Advantage: Grasso

• Richard Grasso may keep his money, after all. A New York State appeals court threw out four of the six claims filed against the former NYSE chair by the attorney general's office. [NYP]
• Perella Weinberg may have missed out on advising the Ford family, but the firm finally got its first big deal with a lead role in Thomson's attempt to acquire Reuters. [DealBook/NYT]
• The future of two Dow Chemical executives will be determined by testimony JPMorgan CEO James Dimon, who knows for sure if they spread rumors of a sale. [NYT]

• Angelina Jolie is appearing in Shiseido ads in Asia. [WWD]
• Amanda Bynes joins the ranks of celebs with fashion lines. [Fashionista]
• Proenza Schouler is in talks to be sold to a European luxury firm. [NYP]

• Cravath will get a little grimy by opening a bankruptcy practice. The firm hired Richard Levin, who helped write the 1978 U.S. bankruptcy code, to run the shop. [Law Blog/WSJ]
• Raoul Felder won't step down from the State Commission on Judicial Conduct, and here's 1,500 words explaining why. Oh, and democracy's at stake. [New York Law Journal]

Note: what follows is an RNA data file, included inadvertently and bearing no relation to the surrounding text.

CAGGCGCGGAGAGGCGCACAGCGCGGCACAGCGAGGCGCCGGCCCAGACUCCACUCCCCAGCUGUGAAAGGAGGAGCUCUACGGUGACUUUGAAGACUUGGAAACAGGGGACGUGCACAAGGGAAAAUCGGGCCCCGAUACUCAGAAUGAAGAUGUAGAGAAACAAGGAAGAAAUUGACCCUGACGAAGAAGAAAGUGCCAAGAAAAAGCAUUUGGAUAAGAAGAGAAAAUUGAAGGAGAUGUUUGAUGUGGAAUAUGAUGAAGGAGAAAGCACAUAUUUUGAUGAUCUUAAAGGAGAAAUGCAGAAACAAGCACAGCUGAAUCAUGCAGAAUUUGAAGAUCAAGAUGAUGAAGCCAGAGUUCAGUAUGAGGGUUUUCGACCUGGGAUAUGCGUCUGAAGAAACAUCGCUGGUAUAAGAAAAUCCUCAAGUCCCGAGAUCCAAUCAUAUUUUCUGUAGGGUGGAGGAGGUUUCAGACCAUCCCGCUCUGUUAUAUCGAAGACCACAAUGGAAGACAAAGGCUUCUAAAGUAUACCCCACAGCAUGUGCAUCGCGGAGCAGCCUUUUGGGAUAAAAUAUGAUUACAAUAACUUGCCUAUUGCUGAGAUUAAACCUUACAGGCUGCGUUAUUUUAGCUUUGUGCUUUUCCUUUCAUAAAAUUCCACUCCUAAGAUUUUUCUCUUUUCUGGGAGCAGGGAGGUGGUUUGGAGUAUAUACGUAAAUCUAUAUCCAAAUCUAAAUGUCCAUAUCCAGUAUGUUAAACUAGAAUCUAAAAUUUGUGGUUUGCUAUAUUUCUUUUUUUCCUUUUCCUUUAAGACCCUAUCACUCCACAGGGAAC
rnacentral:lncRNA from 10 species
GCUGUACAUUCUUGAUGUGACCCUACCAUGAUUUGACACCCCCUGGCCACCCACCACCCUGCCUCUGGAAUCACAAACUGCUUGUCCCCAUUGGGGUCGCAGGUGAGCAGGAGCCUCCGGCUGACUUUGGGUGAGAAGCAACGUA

• Susman & Godfrey just raised associate salaries in New York and L.A. but kind of ruined the moment with an embarrassing press release. [Above the Law]

• If the Thomson deal for Reuters goes through, it could pose the first major challenge to Bloomberg's financial-news empire. The combined company would command 34 percent of the market for financial data, where Bloomberg LP currently controls 33 percent. [NYT]
• In his coverage about the health risks posed by illegal immigration, did Lou Dobbs use the wrong data about an increase in leprosy cases? [The Numbers Guy/WSJ]
• After this season, Law & Order's new episodes might appear on TNT, adding to the 28 hours of the show the cable network airs each week. [Broadcasting & Cable via Mediabistro]